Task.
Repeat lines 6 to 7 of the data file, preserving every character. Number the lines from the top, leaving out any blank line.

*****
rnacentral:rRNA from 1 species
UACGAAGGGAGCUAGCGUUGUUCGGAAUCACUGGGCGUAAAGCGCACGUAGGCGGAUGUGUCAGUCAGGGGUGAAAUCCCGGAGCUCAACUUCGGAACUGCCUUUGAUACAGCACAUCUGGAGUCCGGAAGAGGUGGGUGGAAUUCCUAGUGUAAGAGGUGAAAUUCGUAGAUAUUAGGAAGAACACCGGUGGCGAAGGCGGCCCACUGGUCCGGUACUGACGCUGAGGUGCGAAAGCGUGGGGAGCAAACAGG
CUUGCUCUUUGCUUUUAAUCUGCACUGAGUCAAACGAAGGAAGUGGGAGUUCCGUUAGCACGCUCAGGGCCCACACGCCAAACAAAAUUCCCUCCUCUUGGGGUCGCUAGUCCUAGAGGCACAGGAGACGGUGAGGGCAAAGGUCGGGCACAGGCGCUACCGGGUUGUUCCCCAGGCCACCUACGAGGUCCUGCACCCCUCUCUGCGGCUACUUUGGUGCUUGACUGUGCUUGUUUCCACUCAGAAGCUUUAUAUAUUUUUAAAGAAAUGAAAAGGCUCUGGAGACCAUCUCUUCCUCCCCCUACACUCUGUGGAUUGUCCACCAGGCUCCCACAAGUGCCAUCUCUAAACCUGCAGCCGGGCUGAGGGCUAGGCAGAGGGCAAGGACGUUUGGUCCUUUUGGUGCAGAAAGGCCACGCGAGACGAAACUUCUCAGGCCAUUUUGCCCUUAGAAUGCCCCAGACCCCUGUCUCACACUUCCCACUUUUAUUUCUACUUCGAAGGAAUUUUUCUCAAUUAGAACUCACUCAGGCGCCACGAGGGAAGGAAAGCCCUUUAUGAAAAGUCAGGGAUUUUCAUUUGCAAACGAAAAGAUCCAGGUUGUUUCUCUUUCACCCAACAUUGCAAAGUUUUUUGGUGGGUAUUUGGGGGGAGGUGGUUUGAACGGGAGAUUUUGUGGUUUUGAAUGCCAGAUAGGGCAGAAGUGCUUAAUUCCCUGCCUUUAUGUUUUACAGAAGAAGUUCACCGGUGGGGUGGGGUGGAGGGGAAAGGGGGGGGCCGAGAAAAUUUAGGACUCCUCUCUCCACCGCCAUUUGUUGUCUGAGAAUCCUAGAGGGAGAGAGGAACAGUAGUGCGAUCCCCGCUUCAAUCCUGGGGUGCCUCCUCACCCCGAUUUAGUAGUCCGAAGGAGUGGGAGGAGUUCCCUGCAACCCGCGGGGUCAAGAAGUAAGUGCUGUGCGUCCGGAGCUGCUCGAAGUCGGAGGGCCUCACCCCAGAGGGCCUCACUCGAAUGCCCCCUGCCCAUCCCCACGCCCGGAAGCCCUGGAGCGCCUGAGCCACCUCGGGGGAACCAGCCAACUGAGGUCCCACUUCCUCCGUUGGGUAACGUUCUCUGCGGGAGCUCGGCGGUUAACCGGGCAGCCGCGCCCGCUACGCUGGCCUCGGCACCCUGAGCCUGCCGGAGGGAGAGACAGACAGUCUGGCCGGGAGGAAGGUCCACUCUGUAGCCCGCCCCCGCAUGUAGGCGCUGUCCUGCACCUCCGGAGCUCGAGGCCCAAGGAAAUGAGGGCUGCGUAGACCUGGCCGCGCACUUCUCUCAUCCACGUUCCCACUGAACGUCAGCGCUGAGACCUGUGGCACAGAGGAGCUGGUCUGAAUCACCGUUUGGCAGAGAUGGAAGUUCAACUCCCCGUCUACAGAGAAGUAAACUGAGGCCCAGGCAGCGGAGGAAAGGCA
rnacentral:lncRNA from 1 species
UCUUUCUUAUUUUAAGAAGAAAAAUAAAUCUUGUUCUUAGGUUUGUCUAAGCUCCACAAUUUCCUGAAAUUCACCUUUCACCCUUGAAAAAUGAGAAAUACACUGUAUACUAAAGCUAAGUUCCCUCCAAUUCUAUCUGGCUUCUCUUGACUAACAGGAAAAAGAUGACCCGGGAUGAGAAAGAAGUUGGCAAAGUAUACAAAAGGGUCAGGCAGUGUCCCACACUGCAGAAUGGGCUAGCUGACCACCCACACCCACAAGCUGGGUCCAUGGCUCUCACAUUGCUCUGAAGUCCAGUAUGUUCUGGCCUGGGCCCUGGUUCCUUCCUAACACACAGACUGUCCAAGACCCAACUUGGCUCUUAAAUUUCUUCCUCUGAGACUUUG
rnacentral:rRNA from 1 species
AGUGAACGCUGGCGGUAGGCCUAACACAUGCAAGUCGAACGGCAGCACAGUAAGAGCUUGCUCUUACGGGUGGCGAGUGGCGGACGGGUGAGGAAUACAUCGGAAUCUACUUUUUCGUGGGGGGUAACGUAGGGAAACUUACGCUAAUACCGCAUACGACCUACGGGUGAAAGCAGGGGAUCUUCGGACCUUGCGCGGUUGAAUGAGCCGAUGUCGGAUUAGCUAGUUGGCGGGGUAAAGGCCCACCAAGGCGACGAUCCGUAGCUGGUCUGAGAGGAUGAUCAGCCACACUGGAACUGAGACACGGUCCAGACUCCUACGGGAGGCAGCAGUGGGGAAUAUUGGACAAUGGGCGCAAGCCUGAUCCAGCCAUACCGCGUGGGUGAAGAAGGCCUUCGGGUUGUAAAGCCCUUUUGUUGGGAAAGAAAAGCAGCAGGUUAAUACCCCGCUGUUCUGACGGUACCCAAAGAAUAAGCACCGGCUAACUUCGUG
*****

rnacentral:rRNA from 1 species
AGUGAACGCUGGCGGUAGGCCUAACACAUGCAAGUCGAACGGCAGCACAGUAAGAGCUUGCUCUUACGGGUGGCGAGUGGCGGACGGGUGAGGAAUACAUCGGAAUCUACUUUUUCGUGGGGGGUAACGUAGGGAAACUUACGCUAAUACCGCAUACGACCUACGGGUGAAAGCAGGGGAUCUUCGGACCUUGCGCGGUUGAAUGAGCCGAUGUCGGAUUAGCUAGUUGGCGGGGUAAAGGCCCACCAAGGCGACGAUCCGUAGCUGGUCUGAGAGGAUGAUCAGCCACACUGGAACUGAGACACGGUCCAGACUCCUACGGGAGGCAGCAGUGGGGAAUAUUGGACAAUGGGCGCAAGCCUGAUCCAGCCAUACCGCGUGGGUGAAGAAGGCCUUCGGGUUGUAAAGCCCUUUUGUUGGGAAAGAAAAGCAGCAGGUUAAUACCCCGCUGUUCUGACGGUACCCAAAGAAUAAGCACCGGCUAACUUCGUG